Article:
Approaching conflict in this manner helps to move us to a more receptive position; one whose focus is of a deeper sentiment of care and benevolence. (As a side note, these tips work great with teenagers too!)

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A Focus on De-Escalation

Sometimes we are faced with someone whose anger is getting the best of them. This might be a child, partner, co-worker, friend, or someone at the grocery store. In any case, we are better served to employ some de-escalation strategies in an effort to bring the communication back to a place where compromise has space to be sought.

  • Remain calm. Or at least act it. When someone is getting angry, it automatically creates in us a defensive or frustrated stance. By centering ourselves to not fight anger with anger, we are helping to de-escalate the situation.
  • Lower your voice, speak clearly. When anger is rising, so does the cadence of our voice. By purposely lowering your voice, it creates space for listening.
  • Use language in which they feel heard.  “I’m here for you.” “Tell me what happened.” “How can I help?”
  • Be aware of the non-negotiables. Just because someone is angry, it doesn’t mean we automatically give them what they want. We may be able to compromise, but we might also be in the position of reminding them (calmly) that “sometimes no is a no.”
  • Take a break. Sometimes we need to encourage our loved one to create some space for themselves to slow down the emotion train. This might include taking some deep breaths, holding the hands of our little ones, asking the person to take a walk if they need to. Revisit the issue when things have settled.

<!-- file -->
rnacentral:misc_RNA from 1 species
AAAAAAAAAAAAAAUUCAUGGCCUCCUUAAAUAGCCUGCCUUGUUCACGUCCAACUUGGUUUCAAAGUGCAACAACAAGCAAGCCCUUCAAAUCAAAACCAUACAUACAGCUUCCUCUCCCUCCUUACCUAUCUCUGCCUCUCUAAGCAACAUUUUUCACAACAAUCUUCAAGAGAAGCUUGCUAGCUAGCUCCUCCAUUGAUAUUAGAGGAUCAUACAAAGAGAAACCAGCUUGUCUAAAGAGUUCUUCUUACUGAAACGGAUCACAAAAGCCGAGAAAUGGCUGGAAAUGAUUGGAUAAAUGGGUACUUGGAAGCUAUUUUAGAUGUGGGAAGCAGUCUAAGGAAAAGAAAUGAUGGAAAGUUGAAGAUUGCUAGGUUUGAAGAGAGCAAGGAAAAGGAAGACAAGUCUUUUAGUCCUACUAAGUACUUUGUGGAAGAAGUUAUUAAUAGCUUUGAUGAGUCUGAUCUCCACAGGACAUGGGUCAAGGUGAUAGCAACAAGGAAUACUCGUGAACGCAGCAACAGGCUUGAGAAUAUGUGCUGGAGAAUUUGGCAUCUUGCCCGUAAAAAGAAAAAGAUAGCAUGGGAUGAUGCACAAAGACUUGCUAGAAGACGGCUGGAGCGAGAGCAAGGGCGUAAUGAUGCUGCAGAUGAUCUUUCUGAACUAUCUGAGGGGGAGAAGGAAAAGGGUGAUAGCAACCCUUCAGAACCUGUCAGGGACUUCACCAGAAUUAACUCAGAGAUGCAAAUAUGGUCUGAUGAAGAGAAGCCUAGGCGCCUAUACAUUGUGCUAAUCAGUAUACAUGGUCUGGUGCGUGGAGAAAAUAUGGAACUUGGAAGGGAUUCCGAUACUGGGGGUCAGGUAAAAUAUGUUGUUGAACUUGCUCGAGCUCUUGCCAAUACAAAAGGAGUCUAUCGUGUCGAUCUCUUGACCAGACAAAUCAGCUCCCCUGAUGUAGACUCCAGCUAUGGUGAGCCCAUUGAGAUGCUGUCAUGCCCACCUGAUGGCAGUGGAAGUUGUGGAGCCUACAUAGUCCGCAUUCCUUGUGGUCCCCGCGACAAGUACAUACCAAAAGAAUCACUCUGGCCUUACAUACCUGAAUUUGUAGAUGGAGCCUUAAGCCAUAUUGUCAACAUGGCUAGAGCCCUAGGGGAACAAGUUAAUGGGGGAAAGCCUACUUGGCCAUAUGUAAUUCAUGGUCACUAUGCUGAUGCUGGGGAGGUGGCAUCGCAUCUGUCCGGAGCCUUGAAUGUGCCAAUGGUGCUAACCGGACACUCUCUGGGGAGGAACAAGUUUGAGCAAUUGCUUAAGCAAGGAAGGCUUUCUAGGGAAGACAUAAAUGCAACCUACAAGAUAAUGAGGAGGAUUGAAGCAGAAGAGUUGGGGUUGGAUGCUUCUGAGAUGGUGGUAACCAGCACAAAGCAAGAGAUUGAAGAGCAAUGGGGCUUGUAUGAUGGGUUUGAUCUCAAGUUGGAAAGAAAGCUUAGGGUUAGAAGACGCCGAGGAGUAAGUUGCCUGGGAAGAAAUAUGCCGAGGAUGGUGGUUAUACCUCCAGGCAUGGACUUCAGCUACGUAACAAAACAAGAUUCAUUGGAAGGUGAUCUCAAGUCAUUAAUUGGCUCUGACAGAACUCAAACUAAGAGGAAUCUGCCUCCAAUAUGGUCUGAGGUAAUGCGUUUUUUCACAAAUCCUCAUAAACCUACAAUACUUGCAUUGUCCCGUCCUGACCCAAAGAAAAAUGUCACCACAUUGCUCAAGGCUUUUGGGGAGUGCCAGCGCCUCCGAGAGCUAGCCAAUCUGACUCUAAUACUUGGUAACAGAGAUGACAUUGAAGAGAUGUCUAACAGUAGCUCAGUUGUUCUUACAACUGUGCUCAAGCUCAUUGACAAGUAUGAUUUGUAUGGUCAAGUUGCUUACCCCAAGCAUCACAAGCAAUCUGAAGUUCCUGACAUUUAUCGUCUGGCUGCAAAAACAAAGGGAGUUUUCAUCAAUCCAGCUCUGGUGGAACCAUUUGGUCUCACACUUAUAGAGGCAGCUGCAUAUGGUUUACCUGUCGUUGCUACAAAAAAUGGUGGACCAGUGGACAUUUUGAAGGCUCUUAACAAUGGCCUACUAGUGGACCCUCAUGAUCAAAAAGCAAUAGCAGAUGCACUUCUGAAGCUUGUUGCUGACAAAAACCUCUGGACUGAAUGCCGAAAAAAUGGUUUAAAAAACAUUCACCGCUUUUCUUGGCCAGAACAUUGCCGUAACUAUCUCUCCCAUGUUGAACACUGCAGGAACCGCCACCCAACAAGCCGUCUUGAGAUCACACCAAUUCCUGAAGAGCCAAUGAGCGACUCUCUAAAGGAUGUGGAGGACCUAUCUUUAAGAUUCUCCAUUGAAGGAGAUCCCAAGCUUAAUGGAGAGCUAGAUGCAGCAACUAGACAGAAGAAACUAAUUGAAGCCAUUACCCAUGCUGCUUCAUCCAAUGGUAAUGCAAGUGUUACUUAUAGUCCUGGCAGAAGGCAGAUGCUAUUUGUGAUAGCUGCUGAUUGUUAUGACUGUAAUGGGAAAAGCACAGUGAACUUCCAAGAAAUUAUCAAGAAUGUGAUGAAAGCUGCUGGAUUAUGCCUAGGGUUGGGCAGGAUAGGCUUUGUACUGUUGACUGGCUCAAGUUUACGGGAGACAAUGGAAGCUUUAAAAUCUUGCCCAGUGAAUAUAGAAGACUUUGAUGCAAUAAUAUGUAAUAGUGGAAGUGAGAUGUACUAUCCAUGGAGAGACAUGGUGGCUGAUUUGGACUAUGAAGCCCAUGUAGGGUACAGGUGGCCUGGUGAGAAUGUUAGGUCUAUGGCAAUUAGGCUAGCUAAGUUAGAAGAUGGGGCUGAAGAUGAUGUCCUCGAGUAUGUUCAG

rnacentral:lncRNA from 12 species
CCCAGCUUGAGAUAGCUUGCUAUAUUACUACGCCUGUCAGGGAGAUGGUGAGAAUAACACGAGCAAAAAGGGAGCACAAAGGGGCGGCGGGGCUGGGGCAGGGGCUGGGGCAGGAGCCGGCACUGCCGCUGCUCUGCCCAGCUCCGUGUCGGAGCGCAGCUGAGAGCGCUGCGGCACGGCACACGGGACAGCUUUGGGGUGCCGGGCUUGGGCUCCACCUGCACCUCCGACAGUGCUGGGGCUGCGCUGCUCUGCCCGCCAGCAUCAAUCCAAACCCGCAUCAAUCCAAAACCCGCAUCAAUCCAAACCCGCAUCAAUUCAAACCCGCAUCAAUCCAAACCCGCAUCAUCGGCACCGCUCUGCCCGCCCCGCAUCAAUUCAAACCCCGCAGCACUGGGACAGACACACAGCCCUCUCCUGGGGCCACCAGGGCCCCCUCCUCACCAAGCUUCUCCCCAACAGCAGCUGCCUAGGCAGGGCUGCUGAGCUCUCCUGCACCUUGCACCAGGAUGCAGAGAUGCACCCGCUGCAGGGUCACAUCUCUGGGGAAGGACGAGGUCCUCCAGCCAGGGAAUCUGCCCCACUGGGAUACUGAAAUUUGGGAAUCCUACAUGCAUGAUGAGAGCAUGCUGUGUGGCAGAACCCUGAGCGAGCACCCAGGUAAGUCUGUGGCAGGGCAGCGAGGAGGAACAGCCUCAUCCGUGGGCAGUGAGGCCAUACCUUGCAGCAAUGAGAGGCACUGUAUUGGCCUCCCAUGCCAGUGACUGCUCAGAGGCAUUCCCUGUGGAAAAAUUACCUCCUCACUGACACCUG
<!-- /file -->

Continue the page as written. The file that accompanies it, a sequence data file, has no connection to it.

Healthy communication requires calm parties. Sometimes anger will get in the way of that process; however it always takes two people to have a conflict. Sometimes we are better to take the high road and move first to de-escalation as a means to pave the way towards a healthier way to deal with someone’s troubles. 🙂

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“Before You Put the Cuffs On….”

I want you to ask yourself, “Did I actually do anything wrong?” This is often the counsel I give to clients who are struggling with guilt. The definition of guilt as written in  Webster’s Dictionary: “the fact of having committed a legal offense // the fact of having transgressed the moral law // a feeling of culpability.” In my “Dictionary of Emotions by Patrick Michael Ryan,” he lists guilt as: “remorse caused by feeling responsible for some offense.  In either example, there is the element of having made some form of a transgression that elicited the feeling of guilt as a direct consequence of the mistake. Seems pretty straight forward, right? And yet many of us struggle deeply with this emotion.

Guilt is actually one of our healthy emotions because it allows us to repair. But we also learn a lot about guilt growing up; from our caregivers, our communities such as school or church, our extended family and so forth. If one of the people in our life used guilt as a way to elicit compliance, then it can sometimes become a default setting for us.